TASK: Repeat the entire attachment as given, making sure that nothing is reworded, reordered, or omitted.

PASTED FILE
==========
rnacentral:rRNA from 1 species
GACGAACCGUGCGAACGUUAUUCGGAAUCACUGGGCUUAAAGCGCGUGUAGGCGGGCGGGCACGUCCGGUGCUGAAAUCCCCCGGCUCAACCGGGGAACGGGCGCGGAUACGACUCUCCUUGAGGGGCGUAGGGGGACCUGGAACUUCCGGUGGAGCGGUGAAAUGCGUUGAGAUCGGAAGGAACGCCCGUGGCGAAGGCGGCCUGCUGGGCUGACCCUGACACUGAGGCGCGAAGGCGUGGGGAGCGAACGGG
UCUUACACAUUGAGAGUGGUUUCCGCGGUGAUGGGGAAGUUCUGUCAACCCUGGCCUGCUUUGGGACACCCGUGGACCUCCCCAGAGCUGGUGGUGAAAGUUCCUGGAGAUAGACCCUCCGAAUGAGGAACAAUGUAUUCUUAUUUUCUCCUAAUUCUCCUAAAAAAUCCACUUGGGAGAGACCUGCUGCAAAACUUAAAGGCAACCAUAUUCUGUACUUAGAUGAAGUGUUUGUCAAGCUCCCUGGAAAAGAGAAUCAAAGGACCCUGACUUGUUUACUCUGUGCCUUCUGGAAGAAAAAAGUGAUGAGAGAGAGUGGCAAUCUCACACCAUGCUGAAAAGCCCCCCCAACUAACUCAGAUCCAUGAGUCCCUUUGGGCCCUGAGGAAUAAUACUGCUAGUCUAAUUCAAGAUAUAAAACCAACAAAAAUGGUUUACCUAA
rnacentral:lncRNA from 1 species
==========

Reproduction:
rnacentral:rRNA from 1 species
GACGAACCGUGCGAACGUUAUUCGGAAUCACUGGGCUUAAAGCGCGUGUAGGCGGGCGGGCACGUCCGGUGCUGAAAUCCCCCGGCUCAACCGGGGAACGGGCGCGGAUACGACUCUCCUUGAGGGGCGUAGGGGGACCUGGAACUUCCGGUGGAGCGGUGAAAUGCGUUGAGAUCGGAAGGAACGCCCGUGGCGAAGGCGGCCUGCUGGGCUGACCCUGACACUGAGGCGCGAAGGCGUGGGGAGCGAACGGG
UCUUACACAUUGAGAGUGGUUUCCGCGGUGAUGGGGAAGUUCUGUCAACCCUGGCCUGCUUUGGGACACCCGUGGACCUCCCCAGAGCUGGUGGUGAAAGUUCCUGGAGAUAGACCCUCCGAAUGAGGAACAAUGUAUUCUUAUUUUCUCCUAAUUCUCCUAAAAAAUCCACUUGGGAGAGACCUGCUGCAAAACUUAAAGGCAACCAUAUUCUGUACUUAGAUGAAGUGUUUGUCAAGCUCCCUGGAAAAGAGAAUCAAAGGACCCUGACUUGUUUACUCUGUGCCUUCUGGAAGAAAAAAGUGAUGAGAGAGAGUGGCAAUCUCACACCAUGCUGAAAAGCCCCCCCAACUAACUCAGAUCCAUGAGUCCCUUUGGGCCCUGAGGAAUAAUACUGCUAGUCUAAUUCAAGAUAUAAAACCAACAAAAAUGGUUUACCUAA
rnacentral:lncRNA from 1 species